August 23, 2016

How Can Retailers Use the Price of Gasoline to Increase C-Store Purchases?

Fuel Pricing

It's hot outside, and with gas prices remaining low, more people than ever are taking to the road.

Lower gas prices mean more cash in consumers' pockets, and that means opportunity for retailers to capture a greater share of wallet during every customer visit. According to the results of a National Association of Convenience Stores (NACS) survey of convenience retailers released in April 2016, low gas prices are driving increases in convenience store sales, both at the pump and inside the store.

In fact, 67 percent of retailers said that in-store sales in the first quarter of 2016 were higher than first quarter 2015 because of lower gas prices, and 59 percent said that fuel sales were higher compared to the first quarter of 2015.

Bottom line: The price of gasoline significantly impacts customers' spending decisions when they stop to fuel up. And that spells opportunity for retailers.

While some c-store retailers are happy to take what comes, others are planning to capitalize by being smarter and more analytical. They're paying attention not only to competitor pricing at the pump and in the store but also to traffic patterns, dayparts, weather, holidays and vacations that change up customers' schedules. They're also taking a hard look at their merchandise mix and in-store offerings, from QSR to amenities, asking themselves if they are answering their customers' wants and needs.

Use the Price of Gasoline to Motivate Retail Purchasing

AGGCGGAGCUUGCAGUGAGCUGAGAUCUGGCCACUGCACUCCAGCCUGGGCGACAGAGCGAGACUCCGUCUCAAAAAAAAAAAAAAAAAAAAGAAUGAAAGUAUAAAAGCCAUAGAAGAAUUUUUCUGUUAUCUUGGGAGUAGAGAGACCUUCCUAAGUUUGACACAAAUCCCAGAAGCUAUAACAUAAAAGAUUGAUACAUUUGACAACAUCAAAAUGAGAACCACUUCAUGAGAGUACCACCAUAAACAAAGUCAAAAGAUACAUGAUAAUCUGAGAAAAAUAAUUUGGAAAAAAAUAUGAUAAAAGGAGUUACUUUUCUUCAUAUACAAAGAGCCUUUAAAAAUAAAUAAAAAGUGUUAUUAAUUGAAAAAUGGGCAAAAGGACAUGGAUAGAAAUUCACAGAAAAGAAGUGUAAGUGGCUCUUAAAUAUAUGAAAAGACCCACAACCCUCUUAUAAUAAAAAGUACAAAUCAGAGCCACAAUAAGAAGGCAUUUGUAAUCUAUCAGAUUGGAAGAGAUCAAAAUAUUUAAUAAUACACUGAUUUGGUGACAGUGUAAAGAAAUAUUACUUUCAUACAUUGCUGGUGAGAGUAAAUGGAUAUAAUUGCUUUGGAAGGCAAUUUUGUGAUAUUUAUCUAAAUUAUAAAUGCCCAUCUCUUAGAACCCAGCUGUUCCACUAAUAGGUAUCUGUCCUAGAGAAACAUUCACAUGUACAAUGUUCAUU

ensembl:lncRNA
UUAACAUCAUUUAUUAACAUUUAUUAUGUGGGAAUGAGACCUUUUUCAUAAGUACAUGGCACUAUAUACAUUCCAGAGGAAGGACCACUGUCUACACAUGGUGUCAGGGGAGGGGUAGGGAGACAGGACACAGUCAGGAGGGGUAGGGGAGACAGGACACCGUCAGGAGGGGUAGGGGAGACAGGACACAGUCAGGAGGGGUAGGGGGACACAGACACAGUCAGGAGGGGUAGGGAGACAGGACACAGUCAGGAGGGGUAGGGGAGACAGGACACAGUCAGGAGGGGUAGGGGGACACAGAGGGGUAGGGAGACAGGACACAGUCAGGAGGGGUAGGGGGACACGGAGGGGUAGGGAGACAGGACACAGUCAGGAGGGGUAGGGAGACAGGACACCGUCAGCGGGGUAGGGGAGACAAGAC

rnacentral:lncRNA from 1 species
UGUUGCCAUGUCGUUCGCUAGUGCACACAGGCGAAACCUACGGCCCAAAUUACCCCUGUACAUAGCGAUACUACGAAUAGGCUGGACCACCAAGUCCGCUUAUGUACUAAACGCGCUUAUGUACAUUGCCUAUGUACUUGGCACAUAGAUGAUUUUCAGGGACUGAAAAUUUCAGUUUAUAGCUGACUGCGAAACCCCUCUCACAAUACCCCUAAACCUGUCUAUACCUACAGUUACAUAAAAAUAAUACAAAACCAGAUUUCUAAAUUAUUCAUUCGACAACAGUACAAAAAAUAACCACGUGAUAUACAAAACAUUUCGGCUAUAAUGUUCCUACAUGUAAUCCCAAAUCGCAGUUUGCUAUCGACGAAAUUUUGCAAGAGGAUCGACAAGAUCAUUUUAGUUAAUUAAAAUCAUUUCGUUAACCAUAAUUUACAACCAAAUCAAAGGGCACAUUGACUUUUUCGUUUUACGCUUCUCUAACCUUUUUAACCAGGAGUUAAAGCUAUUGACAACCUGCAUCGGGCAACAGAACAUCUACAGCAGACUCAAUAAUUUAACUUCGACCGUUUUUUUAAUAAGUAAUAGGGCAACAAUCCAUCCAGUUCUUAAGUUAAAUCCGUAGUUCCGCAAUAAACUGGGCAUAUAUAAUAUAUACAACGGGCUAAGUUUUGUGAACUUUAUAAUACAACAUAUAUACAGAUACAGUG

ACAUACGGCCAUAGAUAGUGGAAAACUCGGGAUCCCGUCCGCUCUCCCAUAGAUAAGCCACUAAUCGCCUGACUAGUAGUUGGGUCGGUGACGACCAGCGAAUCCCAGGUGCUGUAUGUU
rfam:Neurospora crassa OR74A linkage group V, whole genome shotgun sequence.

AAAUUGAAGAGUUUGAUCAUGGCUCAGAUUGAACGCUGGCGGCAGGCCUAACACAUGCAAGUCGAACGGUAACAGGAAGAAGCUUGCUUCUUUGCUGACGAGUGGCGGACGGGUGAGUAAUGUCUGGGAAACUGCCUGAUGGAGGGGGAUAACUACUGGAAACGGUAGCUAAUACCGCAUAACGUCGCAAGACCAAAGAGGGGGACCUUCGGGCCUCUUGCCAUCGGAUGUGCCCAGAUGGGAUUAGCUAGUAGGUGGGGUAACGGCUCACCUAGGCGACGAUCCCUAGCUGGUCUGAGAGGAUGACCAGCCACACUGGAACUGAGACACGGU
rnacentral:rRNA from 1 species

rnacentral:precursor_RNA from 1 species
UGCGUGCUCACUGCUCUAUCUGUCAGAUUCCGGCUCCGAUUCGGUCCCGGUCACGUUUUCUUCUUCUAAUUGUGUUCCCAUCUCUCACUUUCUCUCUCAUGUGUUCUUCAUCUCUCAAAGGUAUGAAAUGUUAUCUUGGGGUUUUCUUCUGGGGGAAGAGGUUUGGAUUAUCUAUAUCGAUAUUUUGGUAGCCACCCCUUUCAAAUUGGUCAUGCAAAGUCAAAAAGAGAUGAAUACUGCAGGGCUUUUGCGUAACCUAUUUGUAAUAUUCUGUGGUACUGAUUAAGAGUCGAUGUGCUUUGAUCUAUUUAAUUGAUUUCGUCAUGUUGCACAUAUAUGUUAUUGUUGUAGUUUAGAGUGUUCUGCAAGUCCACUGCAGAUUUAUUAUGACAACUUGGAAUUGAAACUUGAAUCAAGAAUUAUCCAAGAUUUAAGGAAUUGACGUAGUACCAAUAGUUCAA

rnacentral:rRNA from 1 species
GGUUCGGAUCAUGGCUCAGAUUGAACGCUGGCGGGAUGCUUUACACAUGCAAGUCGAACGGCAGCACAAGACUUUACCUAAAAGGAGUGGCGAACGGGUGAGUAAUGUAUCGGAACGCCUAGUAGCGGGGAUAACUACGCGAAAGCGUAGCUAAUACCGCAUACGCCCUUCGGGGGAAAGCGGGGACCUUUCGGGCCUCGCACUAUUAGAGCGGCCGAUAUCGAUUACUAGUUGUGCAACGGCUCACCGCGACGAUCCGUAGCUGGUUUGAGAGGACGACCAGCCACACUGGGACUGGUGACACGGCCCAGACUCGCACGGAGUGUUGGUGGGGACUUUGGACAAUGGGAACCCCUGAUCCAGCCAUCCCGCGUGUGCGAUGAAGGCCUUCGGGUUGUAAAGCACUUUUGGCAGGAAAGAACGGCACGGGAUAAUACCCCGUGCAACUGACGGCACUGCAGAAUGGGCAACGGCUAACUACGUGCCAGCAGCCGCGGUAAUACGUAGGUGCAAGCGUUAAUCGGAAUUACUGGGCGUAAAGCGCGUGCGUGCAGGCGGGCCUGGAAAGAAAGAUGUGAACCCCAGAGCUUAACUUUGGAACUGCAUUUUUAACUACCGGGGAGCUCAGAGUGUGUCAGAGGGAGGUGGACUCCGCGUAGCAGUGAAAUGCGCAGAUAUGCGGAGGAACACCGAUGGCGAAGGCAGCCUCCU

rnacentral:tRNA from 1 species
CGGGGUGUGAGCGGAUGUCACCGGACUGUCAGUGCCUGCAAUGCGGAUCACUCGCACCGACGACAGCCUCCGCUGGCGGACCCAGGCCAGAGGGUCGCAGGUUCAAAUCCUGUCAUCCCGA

There's no possible way you can encourage every customer on the forecourt to enter the store, but you have an opening. So how do you motivate those higher in-store sales? It's as simple as finding the connection.

To really discover how fuel pricing influences in-store sales, your teams need an integrated view. They need to be able to see pricing fluctuations, site volume and retail sales data all in one place.

By integrating your POS and ERP systems, you can surface previously hidden insights.

For example, imagine that you always sold more soda when fuel was priced two cents less than the nearest competitor location. But, counterintuitively, you always sold less soda when the difference was only one cent. The promotional tactics you create based on that kind of insight can make the difference between a good quarter and a not-so-good quarter. Make the connections and you'll be on your way to implementing more profitable fuel and promotional pricing.

Analytics based on site data go beyond being predictive. They become prescriptive decision support. Imagine accurately forecasting sales trends based on fuel pricing or identifying competitive trends that allow you to take action on key opportunities. By understanding the link between forecourt and store, you can achieve durable retail sales results — through the price of gasoline.

Learn more about how data analytics can help inform your fuel and convenience retail pricing strategy. 

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